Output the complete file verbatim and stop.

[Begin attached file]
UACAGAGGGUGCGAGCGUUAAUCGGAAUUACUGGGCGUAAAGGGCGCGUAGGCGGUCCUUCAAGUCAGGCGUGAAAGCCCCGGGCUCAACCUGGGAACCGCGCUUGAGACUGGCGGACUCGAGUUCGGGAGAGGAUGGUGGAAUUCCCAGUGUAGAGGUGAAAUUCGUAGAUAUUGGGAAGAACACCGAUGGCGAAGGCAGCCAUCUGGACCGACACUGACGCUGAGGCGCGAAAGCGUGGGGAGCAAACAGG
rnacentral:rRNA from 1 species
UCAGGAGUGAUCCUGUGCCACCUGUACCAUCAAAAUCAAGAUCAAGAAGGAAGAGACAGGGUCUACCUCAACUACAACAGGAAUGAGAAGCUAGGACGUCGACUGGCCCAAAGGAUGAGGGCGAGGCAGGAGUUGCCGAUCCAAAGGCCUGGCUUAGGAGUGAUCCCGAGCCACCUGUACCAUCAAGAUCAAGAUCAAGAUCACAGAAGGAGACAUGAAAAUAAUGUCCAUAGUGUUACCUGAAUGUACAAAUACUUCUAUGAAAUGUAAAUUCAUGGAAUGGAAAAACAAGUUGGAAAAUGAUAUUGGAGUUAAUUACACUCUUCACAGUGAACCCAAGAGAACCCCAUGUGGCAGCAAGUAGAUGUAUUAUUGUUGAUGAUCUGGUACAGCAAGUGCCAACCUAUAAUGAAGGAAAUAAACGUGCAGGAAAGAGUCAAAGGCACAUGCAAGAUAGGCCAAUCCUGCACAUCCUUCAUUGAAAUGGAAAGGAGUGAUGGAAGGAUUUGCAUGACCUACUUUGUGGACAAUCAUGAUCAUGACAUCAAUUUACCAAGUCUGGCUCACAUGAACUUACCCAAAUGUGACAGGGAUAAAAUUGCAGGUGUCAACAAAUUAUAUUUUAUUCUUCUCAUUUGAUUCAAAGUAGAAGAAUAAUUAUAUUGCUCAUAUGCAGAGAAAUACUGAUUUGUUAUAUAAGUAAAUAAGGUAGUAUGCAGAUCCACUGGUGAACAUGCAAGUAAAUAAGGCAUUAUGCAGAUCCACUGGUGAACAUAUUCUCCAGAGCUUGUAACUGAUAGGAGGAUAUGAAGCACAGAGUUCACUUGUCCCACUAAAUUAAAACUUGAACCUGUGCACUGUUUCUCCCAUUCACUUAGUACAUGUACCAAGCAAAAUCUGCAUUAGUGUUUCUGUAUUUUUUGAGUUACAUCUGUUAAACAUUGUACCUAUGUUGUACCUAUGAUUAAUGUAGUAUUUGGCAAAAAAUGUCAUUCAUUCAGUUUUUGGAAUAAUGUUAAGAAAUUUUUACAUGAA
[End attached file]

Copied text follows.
UACAGAGGGUGCGAGCGUUAAUCGGAAUUACUGGGCGUAAAGGGCGCGUAGGCGGUCCUUCAAGUCAGGCGUGAAAGCCCCGGGCUCAACCUGGGAACCGCGCUUGAGACUGGCGGACUCGAGUUCGGGAGAGGAUGGUGGAAUUCCCAGUGUAGAGGUGAAAUUCGUAGAUAUUGGGAAGAACACCGAUGGCGAAGGCAGCCAUCUGGACCGACACUGACGCUGAGGCGCGAAAGCGUGGGGAGCAAACAGG
rnacentral:rRNA from 1 species
UCAGGAGUGAUCCUGUGCCACCUGUACCAUCAAAAUCAAGAUCAAGAAGGAAGAGACAGGGUCUACCUCAACUACAACAGGAAUGAGAAGCUAGGACGUCGACUGGCCCAAAGGAUGAGGGCGAGGCAGGAGUUGCCGAUCCAAAGGCCUGGCUUAGGAGUGAUCCCGAGCCACCUGUACCAUCAAGAUCAAGAUCAAGAUCACAGAAGGAGACAUGAAAAUAAUGUCCAUAGUGUUACCUGAAUGUACAAAUACUUCUAUGAAAUGUAAAUUCAUGGAAUGGAAAAACAAGUUGGAAAAUGAUAUUGGAGUUAAUUACACUCUUCACAGUGAACCCAAGAGAACCCCAUGUGGCAGCAAGUAGAUGUAUUAUUGUUGAUGAUCUGGUACAGCAAGUGCCAACCUAUAAUGAAGGAAAUAAACGUGCAGGAAAGAGUCAAAGGCACAUGCAAGAUAGGCCAAUCCUGCACAUCCUUCAUUGAAAUGGAAAGGAGUGAUGGAAGGAUUUGCAUGACCUACUUUGUGGACAAUCAUGAUCAUGACAUCAAUUUACCAAGUCUGGCUCACAUGAACUUACCCAAAUGUGACAGGGAUAAAAUUGCAGGUGUCAACAAAUUAUAUUUUAUUCUUCUCAUUUGAUUCAAAGUAGAAGAAUAAUUAUAUUGCUCAUAUGCAGAGAAAUACUGAUUUGUUAUAUAAGUAAAUAAGGUAGUAUGCAGAUCCACUGGUGAACAUGCAAGUAAAUAAGGCAUUAUGCAGAUCCACUGGUGAACAUAUUCUCCAGAGCUUGUAACUGAUAGGAGGAUAUGAAGCACAGAGUUCACUUGUCCCACUAAAUUAAAACUUGAACCUGUGCACUGUUUCUCCCAUUCACUUAGUACAUGUACCAAGCAAAAUCUGCAUUAGUGUUUCUGUAUUUUUUGAGUUACAUCUGUUAAACAUUGUACCUAUGUUGUACCUAUGAUUAAUGUAGUAUUUGGCAAAAAAUGUCAUUCAUUCAGUUUUUGGAAUAAUGUUAAGAAAUUUUUACAUGAA